Sunday, September 1, 2013

Deutsche Bank's Monte Dei Paschi derivative shows why banks must disclose current exposure details

As Bloomberg reports, Deutsche Bank designed and sold a derivative to Monte dei Paschi so the large Italian bank could hide losses that it had already incurred.

The very fact that a bank could engage in a trade to hide its losses confirms the need for banks to provide ultra transparency.

By requiring banks to disclose on an ongoing basis their current global asset, liability and off-balance sheet exposure details, it eliminates the ability of banks to hide their losses.

Deutsche Bank AG (DBK) designed a derivative for Banca Monte dei Paschi di Siena SpA at the height of the financial crisis that obscured losses at the world’s oldest lender before it sought a taxpayer bailout. 
Germany’s largest bank loaned Monte Paschi (BMPS) about 1.5 billion euros ($2 billion) in December 2008 through the transaction, dubbed Project Santorini, according to more than 70 pages of documents outlining the deal and obtained by Bloomberg News
The trade helped Monte Paschi mitigate a 367 million-euro loss from an older derivative contract with Deutsche Bank. As part of the arrangement, the Italian lender made a losing bet on the value of the country’s government bonds, said six derivatives specialists who reviewed the files. 
“I can’t understand why any financial institution would engage in a trade like this for legitimate objectives,” said Frank Partnoy, a professor of law and finance at the University of San Diego who structured derivatives at Morgan Stanley and has read the files. “They shouldn’t ever be doing that.”...
Which is why banks should not operate behind a veil of opacity, but rather should have their entire business exposed to the best disinfectant of bad behavior: sunlight.
The Santorini transaction shows how investment banks devised opaque products that years later are leaving companies and taxpayers with losses.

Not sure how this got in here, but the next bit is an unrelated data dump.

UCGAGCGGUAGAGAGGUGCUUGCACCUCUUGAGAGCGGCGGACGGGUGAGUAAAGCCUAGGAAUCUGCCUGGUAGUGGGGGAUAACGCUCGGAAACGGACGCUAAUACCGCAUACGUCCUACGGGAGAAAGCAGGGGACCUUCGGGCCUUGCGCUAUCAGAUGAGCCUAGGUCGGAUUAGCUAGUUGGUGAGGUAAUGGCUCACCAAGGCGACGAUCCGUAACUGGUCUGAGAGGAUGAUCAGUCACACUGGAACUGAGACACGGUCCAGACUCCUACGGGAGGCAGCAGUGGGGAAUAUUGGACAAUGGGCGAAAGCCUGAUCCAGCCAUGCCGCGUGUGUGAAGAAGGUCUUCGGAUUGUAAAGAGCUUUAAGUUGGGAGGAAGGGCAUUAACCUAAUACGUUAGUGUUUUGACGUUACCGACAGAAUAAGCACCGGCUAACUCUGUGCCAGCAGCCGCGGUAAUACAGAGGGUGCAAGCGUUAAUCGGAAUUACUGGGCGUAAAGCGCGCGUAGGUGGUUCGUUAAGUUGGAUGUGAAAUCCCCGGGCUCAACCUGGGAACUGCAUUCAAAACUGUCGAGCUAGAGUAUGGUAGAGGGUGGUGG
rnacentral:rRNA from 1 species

From the Greek government to the Italian town of Cassino, borrowers have lost money on bets that were skewed in banks’ favor. In December, an Italian judge convicted bankers at four firms, including Deutsche Bank, of fraud in arranging an interest-rate swap for the city of Milan....
Under the FDR Framework, government regulators are given responsibility for ensuring transparency.

Had banks been required to disclose the details of these opaque products, they probably wouldn't have sold them and the buyers probably wouldn't have purchased them.
“You have two banks gambling on regulatory action in late 2008, at a time of supposed crisis, and they are using overly complex and opaque derivatives to do it,” said Partnoy, the University of San Diego professor. “Deutsche Bank made a fortune for facilitating the trade. You can’t tell any of this from looking at their financial statements.”...
As your humble blogger has been saying since the beginning of the financial crisis, so long as banks are opaque "black boxes", bankers will engage in gambling.

Current disclosure rules for banks are not up to the task of preventing or exposing this gambling.  A point Professor Partnoy makes.

The only way to expose what is happening so that market participants have the information they need to assess each bank is to require ultra transparency and disclosure of each bank's exposure details.
Santorini “exemplifies the complex structuring, questionable internal decisions and lax external supervision rampant in the lead-up to the crisis and beyond,” Dempster said....
The only way to prevent this from recurring in the future is by restoring transparency to all the opaque corners of the financial system.  This includes bank balance sheets.
Monte Paschi shareholders haven’t been in a position to know about the bank’s derivative bets because its filings didn’t provide sufficient information on Santorini and its liquidation, according to two accountants in Italy who reviewed the documents....
Please re-read the previous paragraph because if shareholders aren't in a position to know about derivative bets, they aren't in a position to exert market discipline to prevent these bets in the first place.
“This transaction shows the complexity of banks’ balance sheets,” said Mark Williams, a former bank examiner for the Federal Reserve and now a lecturer at Boston University’s School of Management, who also reviewed the documents. “It leaves one wondering what other skeletons are in the closet.”
The only way to know what skeletons are in each bank's closet is to have them provide ultra transparency and disclose their current global exposure details.

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